Insurance Institute for Highway Safety releases report on big-rig rear crashes

Mar 14, 2013
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Crashes with big rig trucks are one of the worst crashes a driver can be in, especially if they happen to be in a low car that can underride the semi. The Insurance Institute for Highway Safety has released a video showing that while the measures that have been taken to prevent compact cars from sliding under the truck in a rear-end crash are somewhat effective, more needs to be done to help keep drivers safe.

According to the IIHS, the majority of semis have underride guards installed, which are steel bars hanging below the rear of the vehicle's trailer to stop a car from going underneath in the event of a rear-end crash. The minimum requirements for these guards, however, have been demonstrated as inadequate for keeping drivers safe, and because of this the IIHS petitioned the NHTSA back in 2011 to adopt harsher requirements.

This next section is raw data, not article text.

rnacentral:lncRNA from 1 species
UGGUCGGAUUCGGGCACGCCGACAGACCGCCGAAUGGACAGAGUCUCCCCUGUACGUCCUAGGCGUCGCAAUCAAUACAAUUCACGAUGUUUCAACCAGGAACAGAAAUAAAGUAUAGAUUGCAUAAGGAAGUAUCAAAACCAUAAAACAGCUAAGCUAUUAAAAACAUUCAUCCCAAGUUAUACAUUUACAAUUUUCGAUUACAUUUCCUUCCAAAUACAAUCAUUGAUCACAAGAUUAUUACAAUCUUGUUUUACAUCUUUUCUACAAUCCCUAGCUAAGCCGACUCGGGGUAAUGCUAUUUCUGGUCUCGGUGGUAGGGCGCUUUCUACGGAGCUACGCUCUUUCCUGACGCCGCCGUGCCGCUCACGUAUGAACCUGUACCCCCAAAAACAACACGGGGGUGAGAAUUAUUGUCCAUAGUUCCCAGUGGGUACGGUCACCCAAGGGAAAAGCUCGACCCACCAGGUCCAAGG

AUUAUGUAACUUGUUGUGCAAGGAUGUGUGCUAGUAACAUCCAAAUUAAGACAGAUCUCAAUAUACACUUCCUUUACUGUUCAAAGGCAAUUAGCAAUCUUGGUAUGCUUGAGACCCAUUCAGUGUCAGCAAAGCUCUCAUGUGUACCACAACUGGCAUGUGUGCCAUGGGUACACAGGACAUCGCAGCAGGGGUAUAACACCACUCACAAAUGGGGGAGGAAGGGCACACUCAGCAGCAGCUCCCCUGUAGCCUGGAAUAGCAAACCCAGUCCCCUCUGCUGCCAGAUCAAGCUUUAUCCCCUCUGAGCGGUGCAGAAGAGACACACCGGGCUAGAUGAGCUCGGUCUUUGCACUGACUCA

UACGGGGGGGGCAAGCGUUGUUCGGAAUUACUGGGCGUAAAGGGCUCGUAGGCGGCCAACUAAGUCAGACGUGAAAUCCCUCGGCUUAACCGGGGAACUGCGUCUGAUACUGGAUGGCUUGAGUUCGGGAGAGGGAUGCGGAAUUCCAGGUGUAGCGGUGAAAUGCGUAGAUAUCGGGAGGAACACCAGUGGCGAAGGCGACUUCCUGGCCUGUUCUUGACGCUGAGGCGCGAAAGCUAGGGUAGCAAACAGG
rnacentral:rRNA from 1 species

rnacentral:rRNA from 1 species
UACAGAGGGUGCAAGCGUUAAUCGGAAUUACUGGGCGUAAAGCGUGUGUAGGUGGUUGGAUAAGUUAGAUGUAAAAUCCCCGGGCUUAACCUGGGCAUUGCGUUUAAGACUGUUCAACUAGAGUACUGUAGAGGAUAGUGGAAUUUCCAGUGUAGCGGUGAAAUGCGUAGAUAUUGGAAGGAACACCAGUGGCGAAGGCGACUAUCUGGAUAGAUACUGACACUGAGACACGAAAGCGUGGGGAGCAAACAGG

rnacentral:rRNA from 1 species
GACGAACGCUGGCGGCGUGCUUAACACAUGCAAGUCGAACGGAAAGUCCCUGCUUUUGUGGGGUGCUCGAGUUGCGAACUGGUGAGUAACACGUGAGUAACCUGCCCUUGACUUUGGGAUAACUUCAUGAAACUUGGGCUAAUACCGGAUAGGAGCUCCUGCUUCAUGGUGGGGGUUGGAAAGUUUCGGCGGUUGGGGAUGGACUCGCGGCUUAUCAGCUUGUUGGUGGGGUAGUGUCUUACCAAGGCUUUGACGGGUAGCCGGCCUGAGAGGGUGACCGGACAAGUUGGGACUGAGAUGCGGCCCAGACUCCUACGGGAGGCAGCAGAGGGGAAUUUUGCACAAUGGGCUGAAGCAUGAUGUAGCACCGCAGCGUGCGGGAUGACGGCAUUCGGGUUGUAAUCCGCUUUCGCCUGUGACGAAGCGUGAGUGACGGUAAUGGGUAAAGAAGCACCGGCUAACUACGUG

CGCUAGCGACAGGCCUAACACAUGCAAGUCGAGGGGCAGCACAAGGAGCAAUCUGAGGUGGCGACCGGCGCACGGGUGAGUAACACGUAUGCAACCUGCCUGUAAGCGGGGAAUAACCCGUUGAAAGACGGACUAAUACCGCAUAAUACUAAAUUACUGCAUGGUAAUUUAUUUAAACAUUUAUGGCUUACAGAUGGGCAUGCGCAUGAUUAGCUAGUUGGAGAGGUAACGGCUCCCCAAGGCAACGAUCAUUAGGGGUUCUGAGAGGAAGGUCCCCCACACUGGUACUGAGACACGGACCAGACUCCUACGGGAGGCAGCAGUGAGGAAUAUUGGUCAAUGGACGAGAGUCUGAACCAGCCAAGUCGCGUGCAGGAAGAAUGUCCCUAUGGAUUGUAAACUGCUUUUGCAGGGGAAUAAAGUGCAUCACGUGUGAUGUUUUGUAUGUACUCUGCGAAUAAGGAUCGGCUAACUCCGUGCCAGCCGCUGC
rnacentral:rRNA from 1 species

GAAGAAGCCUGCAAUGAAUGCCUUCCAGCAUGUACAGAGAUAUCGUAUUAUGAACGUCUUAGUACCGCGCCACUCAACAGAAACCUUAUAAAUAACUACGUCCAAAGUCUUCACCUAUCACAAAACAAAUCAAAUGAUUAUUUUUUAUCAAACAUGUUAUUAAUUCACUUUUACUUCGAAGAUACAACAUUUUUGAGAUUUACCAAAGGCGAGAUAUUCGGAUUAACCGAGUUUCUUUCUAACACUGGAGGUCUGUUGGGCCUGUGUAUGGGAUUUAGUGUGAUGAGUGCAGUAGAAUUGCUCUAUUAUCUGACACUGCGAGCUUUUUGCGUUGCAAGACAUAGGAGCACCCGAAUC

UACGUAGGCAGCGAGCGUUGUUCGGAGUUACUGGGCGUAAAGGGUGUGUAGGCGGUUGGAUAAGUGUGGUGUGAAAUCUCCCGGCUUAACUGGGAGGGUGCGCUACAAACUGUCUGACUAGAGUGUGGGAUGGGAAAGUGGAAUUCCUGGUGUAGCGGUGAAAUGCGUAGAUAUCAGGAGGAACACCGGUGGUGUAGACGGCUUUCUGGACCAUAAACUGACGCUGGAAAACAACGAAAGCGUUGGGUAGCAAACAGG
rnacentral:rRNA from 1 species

Unfortunately, the NHTSA never responded to the request, but trailer manufacturers took the initiative anyway and began putting in guards above the minimum requirements. While this was an excellent measure on their part, a new rear-crash test performed by the IIHS, which you can see in the video above, has demonstrated that there are still safety concerns that need to be addressed - specifically, the guard's inability to help keep drivers safe when there's an overlap in the collision, meaning only part of the car hits the back of the semi's trailer.

Says the IIHS, the 30-percent overlap is still within the range for the driver's (or passenger's, depending on the side) head to hit the back of the trailer if the vehicle underrides the semi, something that is sure to be fatal. As a result, the Institute has stated that while the stronger guards being used with trailers is a "good first step," much more can be done to keep drivers safe and help reduce the number of deaths in these sort of collisions.

[via IIHS]


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